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Language, Employment and Earnings in the United States: Spanish-English Differentials from 1970 to 1990

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  • David E. Bloom
  • Gilles Grenier

Abstract

This paper analyzes employment and earnings differentials between Spanish speakers and English speakers in the United States, using data from the 1970, 1980, and 1990 U.S. censuses. The results show that Spanish speakers, both men and women, do not perform as well in the labor market as English speakers. The results also reveal that Spanish-English earnings and unemployment differentials increased slightly in the 1970s, most likely because of rapid growth in the number of Spanish speakers. By contrast, these differentials increased sharply in the 1980s, also a period of rapidly increasing supply. However, there is no evidence that the widening of differentials in the 1980s reflects an increase in the labor market rewards to English language proficiency. Rather, they appear to be the result of Spanish speakers having relatively little of those labor market characteristics, most notably education, whose market value increased dramatically during the 1980s.

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Bibliographic Info

Paper provided by National Bureau of Economic Research, Inc in its series NBER Working Papers with number 4584.

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Date of creation: Dec 1993
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Handle: RePEc:nbr:nberwo:4584

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  1. repec:fth:coluec:452 is not listed on IDEAS
  2. McManus, Walter S, 1985. "Labor Market Costs of Language Disparity: An Interpretation of Hispanic Earnings Differences," American Economic Review, American Economic Association, vol. 75(4), pages 818-27, September.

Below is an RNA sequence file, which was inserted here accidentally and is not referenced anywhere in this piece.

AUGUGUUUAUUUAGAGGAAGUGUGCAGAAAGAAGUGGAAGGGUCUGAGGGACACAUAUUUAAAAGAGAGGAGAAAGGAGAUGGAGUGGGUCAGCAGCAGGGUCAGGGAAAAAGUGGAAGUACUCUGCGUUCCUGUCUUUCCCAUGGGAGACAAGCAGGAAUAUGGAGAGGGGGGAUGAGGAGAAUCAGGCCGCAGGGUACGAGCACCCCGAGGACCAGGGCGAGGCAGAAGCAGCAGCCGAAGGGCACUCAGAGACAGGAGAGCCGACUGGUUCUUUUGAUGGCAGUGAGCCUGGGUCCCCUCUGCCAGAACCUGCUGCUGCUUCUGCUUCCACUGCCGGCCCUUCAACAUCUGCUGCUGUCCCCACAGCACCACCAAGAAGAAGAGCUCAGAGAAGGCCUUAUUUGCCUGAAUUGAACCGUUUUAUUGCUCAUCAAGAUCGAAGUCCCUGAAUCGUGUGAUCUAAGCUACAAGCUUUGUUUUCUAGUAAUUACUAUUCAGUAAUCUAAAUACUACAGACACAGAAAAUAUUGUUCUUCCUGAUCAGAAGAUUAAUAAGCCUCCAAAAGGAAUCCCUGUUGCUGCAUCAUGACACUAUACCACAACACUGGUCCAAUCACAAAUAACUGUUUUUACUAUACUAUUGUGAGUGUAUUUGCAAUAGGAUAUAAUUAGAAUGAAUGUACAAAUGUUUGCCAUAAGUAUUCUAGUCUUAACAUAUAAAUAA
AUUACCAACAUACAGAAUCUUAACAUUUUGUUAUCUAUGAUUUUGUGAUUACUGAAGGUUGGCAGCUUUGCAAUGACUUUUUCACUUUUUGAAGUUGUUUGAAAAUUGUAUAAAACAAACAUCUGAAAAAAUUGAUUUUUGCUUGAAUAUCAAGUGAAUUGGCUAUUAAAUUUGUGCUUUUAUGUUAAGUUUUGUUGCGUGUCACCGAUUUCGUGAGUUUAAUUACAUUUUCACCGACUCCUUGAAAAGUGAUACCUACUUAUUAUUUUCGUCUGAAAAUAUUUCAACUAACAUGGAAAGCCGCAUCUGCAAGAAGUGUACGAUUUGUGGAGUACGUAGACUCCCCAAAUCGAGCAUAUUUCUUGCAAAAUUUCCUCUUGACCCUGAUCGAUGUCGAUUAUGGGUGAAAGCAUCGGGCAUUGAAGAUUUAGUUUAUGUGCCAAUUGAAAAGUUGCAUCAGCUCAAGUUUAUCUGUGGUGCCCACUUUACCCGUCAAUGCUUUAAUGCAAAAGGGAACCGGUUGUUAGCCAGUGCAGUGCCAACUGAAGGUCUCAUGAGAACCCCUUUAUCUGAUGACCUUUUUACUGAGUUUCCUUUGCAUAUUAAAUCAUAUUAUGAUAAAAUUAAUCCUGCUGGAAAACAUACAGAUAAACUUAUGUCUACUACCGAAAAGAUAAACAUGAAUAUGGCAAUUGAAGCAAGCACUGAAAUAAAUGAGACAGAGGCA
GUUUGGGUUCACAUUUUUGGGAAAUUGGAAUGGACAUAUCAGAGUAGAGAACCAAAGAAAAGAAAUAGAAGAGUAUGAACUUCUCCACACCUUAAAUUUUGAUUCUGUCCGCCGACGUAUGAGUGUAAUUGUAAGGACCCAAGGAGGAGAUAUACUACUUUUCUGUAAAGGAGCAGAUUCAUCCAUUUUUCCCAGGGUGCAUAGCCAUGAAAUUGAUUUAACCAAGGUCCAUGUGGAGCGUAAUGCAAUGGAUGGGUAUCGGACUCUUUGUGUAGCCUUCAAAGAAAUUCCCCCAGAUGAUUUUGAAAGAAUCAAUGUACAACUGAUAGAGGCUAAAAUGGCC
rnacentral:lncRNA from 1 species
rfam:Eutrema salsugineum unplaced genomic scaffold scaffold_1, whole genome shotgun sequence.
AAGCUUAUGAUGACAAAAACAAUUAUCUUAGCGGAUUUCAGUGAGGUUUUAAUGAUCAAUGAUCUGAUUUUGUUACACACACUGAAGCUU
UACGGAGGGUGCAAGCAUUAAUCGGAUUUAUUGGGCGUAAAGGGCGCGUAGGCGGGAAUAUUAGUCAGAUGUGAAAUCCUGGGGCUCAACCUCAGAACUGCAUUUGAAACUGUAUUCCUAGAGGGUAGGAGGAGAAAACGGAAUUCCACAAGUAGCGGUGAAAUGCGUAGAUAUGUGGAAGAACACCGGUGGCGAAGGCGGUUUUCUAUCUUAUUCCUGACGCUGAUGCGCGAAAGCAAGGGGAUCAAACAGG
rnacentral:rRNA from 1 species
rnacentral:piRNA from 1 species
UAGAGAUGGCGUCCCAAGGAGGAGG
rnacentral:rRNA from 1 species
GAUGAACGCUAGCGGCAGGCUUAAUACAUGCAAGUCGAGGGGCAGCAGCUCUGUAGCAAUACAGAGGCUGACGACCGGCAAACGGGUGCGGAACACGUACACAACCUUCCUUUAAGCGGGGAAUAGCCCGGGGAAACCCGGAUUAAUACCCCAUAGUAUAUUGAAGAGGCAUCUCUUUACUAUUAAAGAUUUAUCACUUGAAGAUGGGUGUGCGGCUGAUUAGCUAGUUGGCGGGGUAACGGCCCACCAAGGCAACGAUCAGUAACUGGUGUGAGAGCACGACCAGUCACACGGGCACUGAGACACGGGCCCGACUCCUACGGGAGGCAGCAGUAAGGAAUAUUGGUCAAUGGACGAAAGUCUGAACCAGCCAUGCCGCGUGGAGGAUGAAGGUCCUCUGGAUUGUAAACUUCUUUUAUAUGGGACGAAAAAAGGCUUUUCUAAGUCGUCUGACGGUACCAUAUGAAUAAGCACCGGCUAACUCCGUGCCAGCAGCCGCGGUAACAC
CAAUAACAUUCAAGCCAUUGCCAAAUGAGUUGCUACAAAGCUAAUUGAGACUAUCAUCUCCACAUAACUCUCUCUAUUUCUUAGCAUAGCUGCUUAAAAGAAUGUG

3. Chiswick, Barry R, 1978. "The Effect of Americanization on the Earnings of Foreign-born Men," Journal of Political Economy, University of Chicago Press, vol. 86(5), pages 897-921, October.
  4. Reimers, Cordelia W, 1983. "Labor Market Discrimination against Hispanic and Black Men," The Review of Economics and Statistics, MIT Press, vol. 65(4), pages 570-79, November.
  5. Gilles Grenier, 1984. "The Effects of Language Characteristics on the Wages of Hispanic-American Males," Journal of Human Resources, University of Wisconsin Press, vol. 19(1), pages 35-52.
  6. McManus, Walter & Gould, William & Welch, Finis, 1983. "Earnings of Hispanic Men: The Role of English Language Proficiency," Journal of Labor Economics, University of Chicago Press, vol. 1(2), pages 101-30, April.
  7. Rivera-Batiz, Francisco L., 1990. "English language proficiency and the economic progress of immigrants," Economics Letters, Elsevier, vol. 34(3), pages 295-300, November.
  8. Evelina Tainer, 1988. "English Language Proficiency and the Determination of Earnings among Foreign-Born Men," Journal of Human Resources, University of Wisconsin Press, vol. 23(1), pages 108-122.
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